For the first time ever last year, I reached all my goals for 2018. I strongly attribute this to writing them down, as well as an update, in order to keep me accountable. Now, with exams out the way, I thought I’d write down my goals for 2019 too.
The Frugal Frenchie
This is probably my most recent goal, having only decided on this one around the second week in. For once, I may just about be on trend, as I have just binged watched “Tidying Up” with Marie Kondo. I’ve never watched a show that taught me so much, yet seemed so obvious at the same time.
The before and after pictures really spoke to me, as normally we just see these gorgeous homes on Instagram, but never expect that how it started off could resemble our own homes. Her teachings about sparking joy and detaching our memories from objects, really spoke to me as although I am not a materialistic person, all of my belongings I feel must be kept for sentimental reasons.
As a result, one goal is to declutter my room, to the extent of imagining “this is what I would bring if I moved house.” If I wouldn’t bring it to a new home, why would I keep it in my old one? Up to now, I’ve already cleared out some clothes, and I would like to keep updating on my Instagram I did here. Continue reading “Goals for 2019”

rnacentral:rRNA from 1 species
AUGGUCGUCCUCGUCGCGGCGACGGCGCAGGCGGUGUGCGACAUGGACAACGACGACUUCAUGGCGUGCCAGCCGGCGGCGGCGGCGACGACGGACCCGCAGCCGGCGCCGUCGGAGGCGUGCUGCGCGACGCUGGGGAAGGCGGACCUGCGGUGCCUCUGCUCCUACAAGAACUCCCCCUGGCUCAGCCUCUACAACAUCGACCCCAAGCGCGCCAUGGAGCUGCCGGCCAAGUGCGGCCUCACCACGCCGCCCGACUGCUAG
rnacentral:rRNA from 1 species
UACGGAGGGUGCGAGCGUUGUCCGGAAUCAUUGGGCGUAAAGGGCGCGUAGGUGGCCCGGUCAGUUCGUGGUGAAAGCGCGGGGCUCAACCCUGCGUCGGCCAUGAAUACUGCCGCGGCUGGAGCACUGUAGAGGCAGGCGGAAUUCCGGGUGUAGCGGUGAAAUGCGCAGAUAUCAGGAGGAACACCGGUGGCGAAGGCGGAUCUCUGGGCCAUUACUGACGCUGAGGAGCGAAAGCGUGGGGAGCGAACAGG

In a society where we’re (rightfully so) encouraging men to be expressive, not hide their feelings or reinforce this “macho” image, what is there to know about fathers’ mental health? Or perhaps more appropriate to ask, what do we know about their mental health? In this post, I shall be exploring exactly that. If you have any thoughts, just leave them in the comments below!
The Frugal Frenchie
Father’s supportive role
When having a baby, we often hear about maternal mental health, over paternal mental health. Of course, having a baby is a massive deal, and some women do develop perinatal mental health issues, but this isn’t to say that the Father can be mentally affected too.
In a study by Hanzak (2016), they asked Mother’s who had experienced maternal mental illnesses, how much their partner was able to help. The answers were mixed. Some said their partners were unhelpful, accounting their symptoms for just regular “postnatal” feelings or just saying “I’m tired too.” Others were unsure of how to help but they tried the best they could. They often didn’t have the resources and struggled to cope. Other Mothers were more positive and said that they stopped working and helped with the baby, managed to bond and was extremely patient.
Continue reading “What is there to know about Fathers’ mental health?”